I’ve got no problem with any NFL team signing Michael Vick when he’s loosed from the hoosegow. I just think he should be required to wear No. 9 instead of No. 7 - No. K-9, preferably.


The FBI has begun looking into that curious case in Tucson, Ariz., the one in which the Super Bowl broadcast was interrupted by a 30-second clip from a pay-per-view porn channel.

Why am I convinced, when all is said and done, it will just get dismissed as a “wardrobe malfunction”?


Brett Favre haters are convinced his records are mostly the product of longevity and that Peyton Manning will soon own all of them. To which I reply:

- Manning, who will be 33 at the start of next season, has 333 touchdown passes and 45,628 passing yards. Favre at the same age had 298 touchdown passes and 40,097 passing yards. At this point, the difference between them, basically, is that Peyton played as a rookie (28 TD passes, 3,739 yards) and Brett didn’t (0 TD passes, 0 yards).

- Manning’s 49 scoring tosses in 2004 have skewed the perception of him. Only three other times in his 11-year career has he thrown 30 or more TD passes (33 in 2000, 31 in ‘06 and 31 again in ‘07). Favre had done it SIX times by the age of 33, including five in a row (1994-98).

- Even at his current pace, Peyton doesn’t figure to break any of Brett’s marks until he’s 37 at the earliest. A lot can happen between now and then. Remember: He’s never been hurt.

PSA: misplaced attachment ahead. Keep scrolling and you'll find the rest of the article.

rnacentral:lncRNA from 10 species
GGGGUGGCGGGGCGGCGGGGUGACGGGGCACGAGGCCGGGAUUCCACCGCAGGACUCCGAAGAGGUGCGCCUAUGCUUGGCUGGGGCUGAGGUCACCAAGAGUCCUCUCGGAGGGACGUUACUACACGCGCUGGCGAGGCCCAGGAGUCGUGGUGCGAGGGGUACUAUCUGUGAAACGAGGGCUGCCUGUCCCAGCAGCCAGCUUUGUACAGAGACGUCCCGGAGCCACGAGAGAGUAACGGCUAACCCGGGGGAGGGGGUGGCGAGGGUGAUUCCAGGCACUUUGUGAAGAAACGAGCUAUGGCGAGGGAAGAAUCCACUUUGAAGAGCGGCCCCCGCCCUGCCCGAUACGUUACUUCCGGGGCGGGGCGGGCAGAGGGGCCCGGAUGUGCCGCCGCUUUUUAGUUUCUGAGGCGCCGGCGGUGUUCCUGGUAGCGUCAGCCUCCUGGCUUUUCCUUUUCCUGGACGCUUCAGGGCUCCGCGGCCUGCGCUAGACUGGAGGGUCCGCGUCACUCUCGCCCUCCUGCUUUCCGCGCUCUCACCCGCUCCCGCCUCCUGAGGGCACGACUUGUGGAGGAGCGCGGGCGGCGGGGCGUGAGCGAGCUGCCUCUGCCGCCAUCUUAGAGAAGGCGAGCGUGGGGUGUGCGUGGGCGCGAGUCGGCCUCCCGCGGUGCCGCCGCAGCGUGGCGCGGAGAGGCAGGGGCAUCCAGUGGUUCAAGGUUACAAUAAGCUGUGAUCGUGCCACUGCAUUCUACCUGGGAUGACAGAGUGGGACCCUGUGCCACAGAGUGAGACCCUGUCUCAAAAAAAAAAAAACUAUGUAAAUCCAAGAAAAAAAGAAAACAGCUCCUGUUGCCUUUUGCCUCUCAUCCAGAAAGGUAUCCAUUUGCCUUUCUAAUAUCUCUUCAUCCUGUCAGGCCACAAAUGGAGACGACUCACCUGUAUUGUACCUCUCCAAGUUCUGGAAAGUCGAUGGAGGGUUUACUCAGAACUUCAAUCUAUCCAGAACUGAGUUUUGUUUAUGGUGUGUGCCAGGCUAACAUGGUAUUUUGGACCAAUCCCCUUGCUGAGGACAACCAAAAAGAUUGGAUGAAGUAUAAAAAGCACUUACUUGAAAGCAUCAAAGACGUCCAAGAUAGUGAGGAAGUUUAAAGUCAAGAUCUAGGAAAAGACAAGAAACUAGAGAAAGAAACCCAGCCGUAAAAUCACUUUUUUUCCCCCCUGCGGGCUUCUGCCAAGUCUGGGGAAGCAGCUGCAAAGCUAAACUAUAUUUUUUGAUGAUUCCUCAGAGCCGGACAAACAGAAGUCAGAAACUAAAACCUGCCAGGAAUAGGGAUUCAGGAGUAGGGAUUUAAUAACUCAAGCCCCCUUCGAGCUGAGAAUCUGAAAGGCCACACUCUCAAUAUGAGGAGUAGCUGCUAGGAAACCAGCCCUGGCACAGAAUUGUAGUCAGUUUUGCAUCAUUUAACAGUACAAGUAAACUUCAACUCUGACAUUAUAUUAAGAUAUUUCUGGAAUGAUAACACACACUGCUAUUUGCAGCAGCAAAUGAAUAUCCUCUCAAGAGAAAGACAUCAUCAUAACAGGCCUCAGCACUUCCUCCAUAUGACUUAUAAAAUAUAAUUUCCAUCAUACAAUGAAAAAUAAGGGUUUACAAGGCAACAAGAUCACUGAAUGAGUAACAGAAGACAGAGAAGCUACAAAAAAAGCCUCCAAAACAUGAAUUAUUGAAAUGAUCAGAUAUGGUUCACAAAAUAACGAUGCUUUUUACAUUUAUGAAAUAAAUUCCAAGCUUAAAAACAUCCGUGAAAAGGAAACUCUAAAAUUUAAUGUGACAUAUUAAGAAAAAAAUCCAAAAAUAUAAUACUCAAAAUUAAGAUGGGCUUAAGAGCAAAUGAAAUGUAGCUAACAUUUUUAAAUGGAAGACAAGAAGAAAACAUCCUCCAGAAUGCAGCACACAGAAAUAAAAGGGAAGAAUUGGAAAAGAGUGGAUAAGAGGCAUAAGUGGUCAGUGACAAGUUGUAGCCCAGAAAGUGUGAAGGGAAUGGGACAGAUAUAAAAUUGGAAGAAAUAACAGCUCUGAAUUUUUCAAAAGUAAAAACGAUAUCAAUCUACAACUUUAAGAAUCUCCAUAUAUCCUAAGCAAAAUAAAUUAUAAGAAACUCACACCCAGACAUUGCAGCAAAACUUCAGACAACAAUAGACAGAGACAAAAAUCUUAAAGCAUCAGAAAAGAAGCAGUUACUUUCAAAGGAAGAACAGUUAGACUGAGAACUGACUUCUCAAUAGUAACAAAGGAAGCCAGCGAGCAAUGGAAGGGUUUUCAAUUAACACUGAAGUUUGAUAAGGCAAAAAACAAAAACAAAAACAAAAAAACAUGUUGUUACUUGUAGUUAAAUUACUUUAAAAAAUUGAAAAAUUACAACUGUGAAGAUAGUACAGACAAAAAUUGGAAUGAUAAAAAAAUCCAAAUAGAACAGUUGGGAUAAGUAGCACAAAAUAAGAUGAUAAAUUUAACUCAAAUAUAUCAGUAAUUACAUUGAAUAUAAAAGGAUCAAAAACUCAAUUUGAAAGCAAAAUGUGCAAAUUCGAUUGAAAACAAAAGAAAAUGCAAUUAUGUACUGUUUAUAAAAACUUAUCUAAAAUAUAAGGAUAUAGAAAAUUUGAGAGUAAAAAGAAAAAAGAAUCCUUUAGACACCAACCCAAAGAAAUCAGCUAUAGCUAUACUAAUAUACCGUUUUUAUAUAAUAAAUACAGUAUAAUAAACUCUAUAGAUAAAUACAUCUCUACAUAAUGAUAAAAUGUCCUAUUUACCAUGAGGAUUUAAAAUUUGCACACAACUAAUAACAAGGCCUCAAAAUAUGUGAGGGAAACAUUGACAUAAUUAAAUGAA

Wordsmith of the Week: When Mo Williams was initially passed over for the NBA All-Star Game, Cavaliers owner Dan Gilbert playfully called it “stupidiculous,” “idillogical,” and “preposterageous.”

After the Raptors’ Chris Bosh dropped out and Williams was added to the Eastern Conference squad, Gilbert said it was “fantacular, extraordulous and phenomerful.”


Gilbert missed his calling. He should have been writing material for Yogi Berra.


Or Tony Soprano. Had Williams gotten left off the All-Star team, Tony, no doubt, would have been “prostate with grief.”


It might be time for Rajon Rondo to change his name to Ragin’ Rondo. The Celtics’ kid point guard - he celebrates his 23rd birthday next week - is turning into a serious baller, folks. Perhaps you noticed his 19-point, 14-assist, 15-rebound effort against the Mavericks the other night (narrowly missing the ultra-rare 15/15/15 triple double).

It’s his board work that’s truly preposterageous, as Dan Gilbert would say. Consider: In the month of February, Rajon is averaging 8.3 rebounds a game (seven games, 58 rebounds). Teammate Kevin Garnett, meanwhile, is averaging 8.8 (five games, 55 rebounds). That’s right, the 6-1 Rondo has been collecting almost as many caroms as the 6-11 KG.

On second thought, that’s beyond preposterageous. It’s fantacular.


And finally…

Did you hear about The Aquatic Rosie Ruiz? An American named Jennifer Figge recently conned several news outlets into believing she swam across the Atlantic Ocean - 2,100 miles in 25 days (escorted by a boat, naturally).

Come on, AP (and all the rest), do the math. If a swimmer covered that great a distance in that short a period, she never would have gotten wet.